This account is nonsense, and should never be cited. It's impossible to tell whether Hamilton actually observed any of what he claims, or is reconstructing events solely from scuttlebutt he heard while passing through the valley in 1855--conflated with stories from dime novels. Certainly he got many details wrong, details an eyewitness would have a hard time misremembering. Hamilton is the sole source for all of his more outlandish stories.
Having described Yreka already I will pass on, so I started on to Klamath River, some 16 miles. Klamath River is the line between California and Oregon. I crossed on a ferry boat. Had to cross over a high mountain to Rogue River Valley. If I remember right it is about 7 or 8 miles, Klamath Ferry to Rogue River Valley. On the way up [on September 25, 1855] I met a small boy; he was running down the mountain as fast as his legs would carry him. I asked him what was the matter. He said his people had been all killed by the Indians and that he had hidden in the brush until the Indians had gone. I found the boy's statement to be true. There had been 4 ox teams, 4 yoke of oxen on each wagon killed--men, oxen, and all but the little boy. [No other account mentions a "small boy."]
I went a little further. There lay in the road a dead man. His hat was partly on and filled with blood and bones. He had been shot in the head and his head smashed. Come to another man, he had been shot and beaten up. Come to another one, he had put up a fight. There was blood all around on the ground; perhaps he had killed one or two Indians. Come to another one near the wagons, he had also put up a fight. There was every sign of a desperate fight. I think there was 7 dead men and one boy. [No other account--including those given by the survivors--list a death toll higher than two.] The oxen lay dead in the yoke. The flour was scattered all over the country around. These teams was loaded with flour, bacon and other produce, mostly flour destined to the mines at Yreka. I will mention here that Yreka Bakery is said to be the only two words that will spell both ways in the English language. Back to my story. Talk of being scared, I was the worst scared man in the whole state of Oregon. Well, I stopped and thought the matter over. I reasoned that the massacre was the evening before, that the boy lay in the brush hidden, that the Indians had done and gone. So I came down and made an investigation of the situation. The boy gave the alarm on one side of the mountain, I on the other side, and going down that mountain, if a stick or anything else cracked or made a noise, I thinked I would have jumped 20 feet. Well, we gave the alarm. By night the same day there had gathered about 300 men from the mines and the farms. They struck the Indians' trail and followed them three days before they found them. They killed all the Indians they could find, but spared women and children. So I was told afterwards.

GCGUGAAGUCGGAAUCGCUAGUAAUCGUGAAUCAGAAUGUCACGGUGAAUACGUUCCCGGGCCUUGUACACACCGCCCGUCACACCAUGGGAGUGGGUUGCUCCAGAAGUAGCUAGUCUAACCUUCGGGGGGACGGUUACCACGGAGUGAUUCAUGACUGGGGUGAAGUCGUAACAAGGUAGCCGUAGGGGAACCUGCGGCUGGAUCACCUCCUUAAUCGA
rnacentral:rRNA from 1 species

I did not go on this road. I went on my journey until I came to Mr. Wells' place. They were with the Walkers when they crossed the plains, or part of the way. Mr. Wells insisted I should stay with them several days. The time we put in riding over the valley and having a good time in general. This is a beautiful valley, many rich farmers and stock men. I bought a cayuse pony. He had been broken to the saddle but not broken from bucking. The first time I got on him he bucked me off, but I had to ride him. I had bought him, had paid $60 for him. I stayed with him. Had to. I staked that horse out so he could have something to eat. He got loose. I had to pay a buckaroo five dollars to catch him for me. I finally got started on my way, but every morning when I got on that cayuse he would have a spree bucking.
I am now writing at a place called Siskiyou Hot Springs, dated July 4, 1910. The gnats and flies bother me. There is a gnat that the Indians call "no see-um." I suppose they so call them because they are so very small you have to look very close to see them. But their sting makes you itch all over. There is also a larger gnat that wants to crawl in your eyes and ears. Common house fly, they are also bothering me at this time. The house fly is easy to get rid of, we kill them with Neirsn [sic] Fly Paper. The temperature today, 10 a.m., is 88. Well, I liked to forgot the trip to see my girl.
I came to a stage station and was going to put up for the night. The stage came in without a driver, with a dead man in the bottom of it. [No one else mentions a stagecoach in any context in the events of October 8-9, 1855.] By this time several had come in, reported that the Indians had broken out and were killing the settlers along the road. Well, we knew something had to be done and soon, so we organized a party of 22--which should be called the Twenty-Two Immortals. [Henry Klippel remembers there being fourteen Immortals of October 10, 1855 in his "Reminiscence"--and names them--and doesn't list Hamilton among the number.] The sights we saw that night will never fade from our memories. We were wrought up to desperation to see the butchers and mutilation. The tortures and mutilation were done by the old squaws and their children, such as tying their victims over anthills, letting the ants eat their eyes out, in fact, most of their bodies up. Just the agonies of the torture! It is said this mode of torture is [the worst] known to flesh. [No other source mentions this torture ever used in Southern Oregon.]